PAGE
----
This is an apostrophe in a URL. You can’t submit this to
    StumbleUpon. If you do you end up with a broken link at best.
  3. Numbers instead of speaking URLs: Decide, 123 or angelinajolie-naked, which URL speaks your language, which one you’ll rather click?
  4. Multiple URLs for one page: www.example.com,
    example.com, example.com/, example.com/index.php,
    example.com/index.php? all leading to one homepage? No you have 6
    homepages and counting! Use a canonical URLs script (WordPress 2.5 already does by default)
  5. Too many parameters which also change randonmly. Ever tried to submit the New York Times to a social site? In many cases it’a a duplicate as http://www.nytimes.com/2008/06/27/technology/27google.html?_r=3&adxnnl=1&oref=slogin&ref=business&adxnnlx=1214553738-5Jvl01JfMCKLx5duMGRv9g&oref=slogin&oref=slogin
    http://www.nytimes.com/2008/06/27/technology/27google.html?_r=3&adxnnl=1&oref=slogin
    http://www.nytimes.com/2008/06/27/technology/27google.html
    and dozens of other combinations are possible. This is even worse than #4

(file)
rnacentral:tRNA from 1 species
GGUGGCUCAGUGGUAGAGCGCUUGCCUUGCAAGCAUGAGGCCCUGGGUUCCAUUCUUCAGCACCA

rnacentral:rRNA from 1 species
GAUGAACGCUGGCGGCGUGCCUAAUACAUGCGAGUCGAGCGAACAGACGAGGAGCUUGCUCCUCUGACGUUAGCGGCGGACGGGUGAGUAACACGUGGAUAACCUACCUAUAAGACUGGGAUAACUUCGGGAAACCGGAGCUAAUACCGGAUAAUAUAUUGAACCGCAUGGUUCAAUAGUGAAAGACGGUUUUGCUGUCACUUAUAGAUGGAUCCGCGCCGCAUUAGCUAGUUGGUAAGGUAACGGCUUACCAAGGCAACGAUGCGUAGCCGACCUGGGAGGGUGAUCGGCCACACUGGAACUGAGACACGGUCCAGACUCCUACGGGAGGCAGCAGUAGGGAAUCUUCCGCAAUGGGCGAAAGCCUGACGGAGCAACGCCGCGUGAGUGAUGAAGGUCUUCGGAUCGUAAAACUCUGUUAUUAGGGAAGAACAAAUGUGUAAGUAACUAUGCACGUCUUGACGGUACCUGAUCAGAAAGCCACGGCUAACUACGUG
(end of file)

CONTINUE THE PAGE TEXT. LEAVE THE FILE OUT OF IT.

6. Only keywords in URL: Recently bloggers tend to shorten
    their URLs inasmuch as their posting become totally boring. I
    won’t click /2008/06/27/google if I see only the URLs (like, say,
    in an email) but I will click google-files-for-bankrupcy
  7. Too many subdirectories or mimicked oney via URL rewrite: world/politics/asia/korea/local/ Huh? Do you know what I mean? If it’s that far down the hierarchy, why should I care at all? I want the frontpage news.
  8. Simply PHP crap: Do you use Joomla or Mambo CMS? Their standard URLs suck big time: option=com_content&view=article&id=72&Itemid=37
    They suck for both Google and StumbleUpon, the 2 most important traffic